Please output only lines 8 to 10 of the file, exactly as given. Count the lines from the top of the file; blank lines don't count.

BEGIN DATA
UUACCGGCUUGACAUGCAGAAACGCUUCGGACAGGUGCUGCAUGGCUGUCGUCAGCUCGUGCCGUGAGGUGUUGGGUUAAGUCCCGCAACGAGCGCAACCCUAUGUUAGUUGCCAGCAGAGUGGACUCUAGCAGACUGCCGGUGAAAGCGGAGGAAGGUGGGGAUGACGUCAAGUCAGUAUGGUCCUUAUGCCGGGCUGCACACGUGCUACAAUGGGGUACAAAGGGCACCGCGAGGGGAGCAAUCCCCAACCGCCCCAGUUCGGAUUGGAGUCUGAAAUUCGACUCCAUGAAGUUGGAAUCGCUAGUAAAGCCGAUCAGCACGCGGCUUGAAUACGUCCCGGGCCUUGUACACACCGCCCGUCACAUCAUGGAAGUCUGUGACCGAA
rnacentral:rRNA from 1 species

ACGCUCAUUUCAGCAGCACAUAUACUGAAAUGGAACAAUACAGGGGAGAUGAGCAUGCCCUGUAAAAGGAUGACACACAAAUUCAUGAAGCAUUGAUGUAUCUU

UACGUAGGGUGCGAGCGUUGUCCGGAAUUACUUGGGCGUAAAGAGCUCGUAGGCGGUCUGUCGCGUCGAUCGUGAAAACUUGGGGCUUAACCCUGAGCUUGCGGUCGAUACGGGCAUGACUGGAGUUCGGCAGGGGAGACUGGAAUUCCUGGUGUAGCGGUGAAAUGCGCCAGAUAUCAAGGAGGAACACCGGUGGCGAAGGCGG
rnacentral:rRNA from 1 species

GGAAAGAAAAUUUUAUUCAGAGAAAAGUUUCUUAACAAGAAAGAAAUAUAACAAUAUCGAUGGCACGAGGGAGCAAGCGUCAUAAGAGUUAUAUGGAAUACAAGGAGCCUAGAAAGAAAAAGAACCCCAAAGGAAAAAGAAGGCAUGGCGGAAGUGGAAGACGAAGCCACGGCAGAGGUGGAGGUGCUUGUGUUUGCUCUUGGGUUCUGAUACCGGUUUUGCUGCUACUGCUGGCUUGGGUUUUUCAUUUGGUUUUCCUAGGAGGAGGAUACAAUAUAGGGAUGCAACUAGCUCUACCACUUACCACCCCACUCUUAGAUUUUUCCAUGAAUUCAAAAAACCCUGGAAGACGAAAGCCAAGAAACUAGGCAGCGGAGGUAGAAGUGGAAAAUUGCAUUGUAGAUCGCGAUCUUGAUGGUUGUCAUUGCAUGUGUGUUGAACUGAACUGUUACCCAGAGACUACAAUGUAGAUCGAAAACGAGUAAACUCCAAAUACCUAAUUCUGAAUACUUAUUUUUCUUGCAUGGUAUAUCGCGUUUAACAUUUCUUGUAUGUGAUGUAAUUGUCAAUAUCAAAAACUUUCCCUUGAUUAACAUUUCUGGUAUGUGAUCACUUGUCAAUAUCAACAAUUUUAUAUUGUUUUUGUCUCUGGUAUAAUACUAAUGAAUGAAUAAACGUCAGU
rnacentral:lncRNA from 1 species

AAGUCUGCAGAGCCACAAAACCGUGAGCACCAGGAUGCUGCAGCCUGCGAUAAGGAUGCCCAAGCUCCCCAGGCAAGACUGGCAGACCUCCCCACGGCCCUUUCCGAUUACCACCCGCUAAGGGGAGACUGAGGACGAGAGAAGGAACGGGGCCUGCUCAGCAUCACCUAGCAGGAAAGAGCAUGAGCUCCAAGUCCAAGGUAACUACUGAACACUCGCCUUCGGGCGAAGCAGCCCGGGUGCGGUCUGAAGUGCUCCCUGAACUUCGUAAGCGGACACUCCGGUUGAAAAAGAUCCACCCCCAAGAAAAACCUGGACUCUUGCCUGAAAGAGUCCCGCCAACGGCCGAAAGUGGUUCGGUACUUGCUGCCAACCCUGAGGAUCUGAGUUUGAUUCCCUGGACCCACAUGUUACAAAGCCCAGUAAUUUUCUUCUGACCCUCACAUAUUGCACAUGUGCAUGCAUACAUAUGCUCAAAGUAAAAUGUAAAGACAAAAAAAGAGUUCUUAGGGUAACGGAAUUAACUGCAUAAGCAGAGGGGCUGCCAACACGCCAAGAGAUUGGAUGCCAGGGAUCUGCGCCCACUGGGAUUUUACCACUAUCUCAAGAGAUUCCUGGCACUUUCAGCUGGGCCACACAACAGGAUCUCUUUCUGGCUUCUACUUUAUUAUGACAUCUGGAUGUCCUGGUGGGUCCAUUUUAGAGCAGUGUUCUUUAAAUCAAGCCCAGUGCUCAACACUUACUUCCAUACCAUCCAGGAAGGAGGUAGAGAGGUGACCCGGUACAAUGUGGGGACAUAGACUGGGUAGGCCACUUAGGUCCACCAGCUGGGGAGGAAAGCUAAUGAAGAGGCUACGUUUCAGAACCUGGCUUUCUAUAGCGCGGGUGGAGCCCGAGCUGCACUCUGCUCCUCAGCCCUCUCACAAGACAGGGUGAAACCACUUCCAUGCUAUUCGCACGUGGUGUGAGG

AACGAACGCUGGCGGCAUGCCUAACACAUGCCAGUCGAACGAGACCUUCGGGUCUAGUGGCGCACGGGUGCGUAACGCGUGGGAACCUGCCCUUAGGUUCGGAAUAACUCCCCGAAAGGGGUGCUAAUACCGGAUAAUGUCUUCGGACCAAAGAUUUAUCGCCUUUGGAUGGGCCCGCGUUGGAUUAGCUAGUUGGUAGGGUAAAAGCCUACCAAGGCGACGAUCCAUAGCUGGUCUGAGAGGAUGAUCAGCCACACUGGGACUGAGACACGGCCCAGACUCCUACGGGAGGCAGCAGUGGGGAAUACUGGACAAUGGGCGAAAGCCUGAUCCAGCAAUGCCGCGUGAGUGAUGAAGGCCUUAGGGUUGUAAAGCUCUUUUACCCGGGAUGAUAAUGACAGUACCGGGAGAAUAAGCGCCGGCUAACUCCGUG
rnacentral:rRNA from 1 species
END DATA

AAGUCUGCAGAGCCACAAAACCGUGAGCACCAGGAUGCUGCAGCCUGCGAUAAGGAUGCCCAAGCUCCCCAGGCAAGACUGGCAGACCUCCCCACGGCCCUUUCCGAUUACCACCCGCUAAGGGGAGACUGAGGACGAGAGAAGGAACGGGGCCUGCUCAGCAUCACCUAGCAGGAAAGAGCAUGAGCUCCAAGUCCAAGGUAACUACUGAACACUCGCCUUCGGGCGAAGCAGCCCGGGUGCGGUCUGAAGUGCUCCCUGAACUUCGUAAGCGGACACUCCGGUUGAAAAAGAUCCACCCCCAAGAAAAACCUGGACUCUUGCCUGAAAGAGUCCCGCCAACGGCCGAAAGUGGUUCGGUACUUGCUGCCAACCCUGAGGAUCUGAGUUUGAUUCCCUGGACCCACAUGUUACAAAGCCCAGUAAUUUUCUUCUGACCCUCACAUAUUGCACAUGUGCAUGCAUACAUAUGCUCAAAGUAAAAUGUAAAGACAAAAAAAGAGUUCUUAGGGUAACGGAAUUAACUGCAUAAGCAGAGGGGCUGCCAACACGCCAAGAGAUUGGAUGCCAGGGAUCUGCGCCCACUGGGAUUUUACCACUAUCUCAAGAGAUUCCUGGCACUUUCAGCUGGGCCACACAACAGGAUCUCUUUCUGGCUUCUACUUUAUUAUGACAUCUGGAUGUCCUGGUGGGUCCAUUUUAGAGCAGUGUUCUUUAAAUCAAGCCCAGUGCUCAACACUUACUUCCAUACCAUCCAGGAAGGAGGUAGAGAGGUGACCCGGUACAAUGUGGGGACAUAGACUGGGUAGGCCACUUAGGUCCACCAGCUGGGGAGGAAAGCUAAUGAAGAGGCUACGUUUCAGAACCUGGCUUUCUAUAGCGCGGGUGGAGCCCGAGCUGCACUCUGCUCCUCAGCCCUCUCACAAGACAGGGUGAAACCACUUCCAUGCUAUUCGCACGUGGUGUGAGG

AACGAACGCUGGCGGCAUGCCUAACACAUGCCAGUCGAACGAGACCUUCGGGUCUAGUGGCGCACGGGUGCGUAACGCGUGGGAACCUGCCCUUAGGUUCGGAAUAACUCCCCGAAAGGGGUGCUAAUACCGGAUAAUGUCUUCGGACCAAAGAUUUAUCGCCUUUGGAUGGGCCCGCGUUGGAUUAGCUAGUUGGUAGGGUAAAAGCCUACCAAGGCGACGAUCCAUAGCUGGUCUGAGAGGAUGAUCAGCCACACUGGGACUGAGACACGGCCCAGACUCCUACGGGAGGCAGCAGUGGGGAAUACUGGACAAUGGGCGAAAGCCUGAUCCAGCAAUGCCGCGUGAGUGAUGAAGGCCUUAGGGUUGUAAAGCUCUUUUACCCGGGAUGAUAAUGACAGUACCGGGAGAAUAAGCGCCGGCUAACUCCGUG
rnacentral:rRNA from 1 species